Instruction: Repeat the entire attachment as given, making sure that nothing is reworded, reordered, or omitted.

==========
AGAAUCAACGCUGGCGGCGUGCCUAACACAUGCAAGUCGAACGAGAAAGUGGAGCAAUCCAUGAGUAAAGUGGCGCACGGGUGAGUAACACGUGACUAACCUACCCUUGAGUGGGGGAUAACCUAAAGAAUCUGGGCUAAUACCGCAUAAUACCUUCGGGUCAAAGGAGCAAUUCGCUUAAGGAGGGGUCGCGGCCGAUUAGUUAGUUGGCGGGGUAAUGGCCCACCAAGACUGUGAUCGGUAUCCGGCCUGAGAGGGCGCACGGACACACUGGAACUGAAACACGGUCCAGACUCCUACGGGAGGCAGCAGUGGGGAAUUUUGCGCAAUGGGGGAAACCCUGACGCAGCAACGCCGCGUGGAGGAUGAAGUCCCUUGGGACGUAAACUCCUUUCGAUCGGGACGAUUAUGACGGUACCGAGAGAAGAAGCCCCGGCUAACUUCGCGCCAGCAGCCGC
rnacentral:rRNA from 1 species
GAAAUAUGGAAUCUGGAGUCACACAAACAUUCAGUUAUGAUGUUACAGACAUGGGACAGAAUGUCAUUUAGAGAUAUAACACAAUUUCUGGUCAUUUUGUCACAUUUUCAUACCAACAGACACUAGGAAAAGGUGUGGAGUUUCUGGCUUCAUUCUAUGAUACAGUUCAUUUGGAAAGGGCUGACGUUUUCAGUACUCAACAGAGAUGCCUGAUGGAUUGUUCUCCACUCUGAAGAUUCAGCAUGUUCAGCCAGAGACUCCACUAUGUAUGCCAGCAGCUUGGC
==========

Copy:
AGAAUCAACGCUGGCGGCGUGCCUAACACAUGCAAGUCGAACGAGAAAGUGGAGCAAUCCAUGAGUAAAGUGGCGCACGGGUGAGUAACACGUGACUAACCUACCCUUGAGUGGGGGAUAACCUAAAGAAUCUGGGCUAAUACCGCAUAAUACCUUCGGGUCAAAGGAGCAAUUCGCUUAAGGAGGGGUCGCGGCCGAUUAGUUAGUUGGCGGGGUAAUGGCCCACCAAGACUGUGAUCGGUAUCCGGCCUGAGAGGGCGCACGGACACACUGGAACUGAAACACGGUCCAGACUCCUACGGGAGGCAGCAGUGGGGAAUUUUGCGCAAUGGGGGAAACCCUGACGCAGCAACGCCGCGUGGAGGAUGAAGUCCCUUGGGACGUAAACUCCUUUCGAUCGGGACGAUUAUGACGGUACCGAGAGAAGAAGCCCCGGCUAACUUCGCGCCAGCAGCCGC
rnacentral:rRNA from 1 species
GAAAUAUGGAAUCUGGAGUCACACAAACAUUCAGUUAUGAUGUUACAGACAUGGGACAGAAUGUCAUUUAGAGAUAUAACACAAUUUCUGGUCAUUUUGUCACAUUUUCAUACCAACAGACACUAGGAAAAGGUGUGGAGUUUCUGGCUUCAUUCUAUGAUACAGUUCAUUUGGAAAGGGCUGACGUUUUCAGUACUCAACAGAGAUGCCUGAUGGAUUGUUCUCCACUCUGAAGAUUCAGCAUGUUCAGCCAGAGACUCCACUAUGUAUGCCAGCAGCUUGGC